Codes & Standards

 

Essential to the work of the electrical contractor is knowledge of the National Electrical Code, the National Electrical Installation Standards and additional standards and codes administered by the National Fire Protection Association, the Occupational Safety and Health Administration and others. Here is a list of all our articles on codes and standards listed chronologically by issue date. 

An equipment grounding conductor (EGC) installed with a branch circuit or feeder circuit performs three important functions in the electrical safety system. EGCs provide a path that connects equipment to ground, thereby performing grounding functions.

Jim Dollard has an extensive background in codes and standards. If you have a query about the National Electrical Code (NEC), Jim will help you solve it. Questions can be sent to codefaqs@gmail.com. Answers are based on the 2017 NEC.
 Parallel equipment 
grounding conductors


The last section in Part II of Article 110 in the National Electrical Code (NEC) covers enclosure types. The section for enclosure types has not always been 110.28. Enclosure types has only been 110.28 since the 2011 edition of the NEC.

In the past two National Electrical Code (NEC) cycles, there have been substantial changes in Article 517 dealing with healthcare facilities.

More on Codes & Standards

 
Installation of Electric Motors and Controllers

This is the third article of the series reviewing the most popular questions that have appeared in NECA’s online Code Question of the Day and have generated the most comments from subscribers. All answers have been updated to comply with the 2008 National Electrical Code (NEC).


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Do Not Expose

Many installations have exposed raceways and electrical equipment of all kinds on rooftops, walls and other direct sunlight applications, since this has been a common installation method for many years.


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Round Up or Round Down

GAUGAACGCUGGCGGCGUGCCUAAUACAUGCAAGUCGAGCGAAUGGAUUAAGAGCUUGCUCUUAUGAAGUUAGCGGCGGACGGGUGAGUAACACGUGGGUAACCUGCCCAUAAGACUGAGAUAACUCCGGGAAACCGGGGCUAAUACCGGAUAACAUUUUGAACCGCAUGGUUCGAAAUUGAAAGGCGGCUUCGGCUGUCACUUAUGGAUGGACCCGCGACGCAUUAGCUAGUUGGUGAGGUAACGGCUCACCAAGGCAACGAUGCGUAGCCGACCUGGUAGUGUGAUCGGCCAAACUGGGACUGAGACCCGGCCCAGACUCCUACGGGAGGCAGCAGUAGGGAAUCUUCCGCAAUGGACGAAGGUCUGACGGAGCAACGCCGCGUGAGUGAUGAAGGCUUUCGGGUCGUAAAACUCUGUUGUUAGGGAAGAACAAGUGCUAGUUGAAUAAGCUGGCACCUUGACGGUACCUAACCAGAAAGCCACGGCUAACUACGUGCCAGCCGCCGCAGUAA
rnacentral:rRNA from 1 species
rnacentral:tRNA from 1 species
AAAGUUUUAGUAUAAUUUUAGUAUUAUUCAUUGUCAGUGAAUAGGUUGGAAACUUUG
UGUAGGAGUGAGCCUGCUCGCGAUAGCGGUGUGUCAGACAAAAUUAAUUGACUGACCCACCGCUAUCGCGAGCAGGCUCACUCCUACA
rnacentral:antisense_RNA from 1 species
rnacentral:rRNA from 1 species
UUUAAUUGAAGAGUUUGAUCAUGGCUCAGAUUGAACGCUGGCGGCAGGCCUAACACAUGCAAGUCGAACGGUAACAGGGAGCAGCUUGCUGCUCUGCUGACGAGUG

When instructing workshops for electricians, I have found that some of the participants get very confused about how the National Electrical Code (NEC) addresses the rounding up or rounding down of the size of an overcurrent protection device (OCPD) to allow a motor to start and accelerate its drive


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The Sounds of Crisis

For many years, the audibility and intelligibility of fire alarm signals were ignored. Traditionally, a contractor or designer would put one audible/visible appliance above each manual fire alarm box (pull station) and maybe one or two more in the hallway.


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No Way Out

I have found while teaching the 2008 National Electrical Code (NEC) that the electrical industry has mixed feelings concerning the changes that pertain to the installation of receptacles.


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Overcurrent Protection, Tamper-Resistant Receptacles and More

Article 210 Branch Circuits; Article 220 Branch Circuit, Feeder, and Service Calculations; Article 240 Overcurrent Protection; Article 250 Grounding and Bonding; Article 330 Metal-Clad Cable: Type MC; Article 422 Appliances; Article 450 Transformer and Transformer Vaults (Including Secondary Ties)


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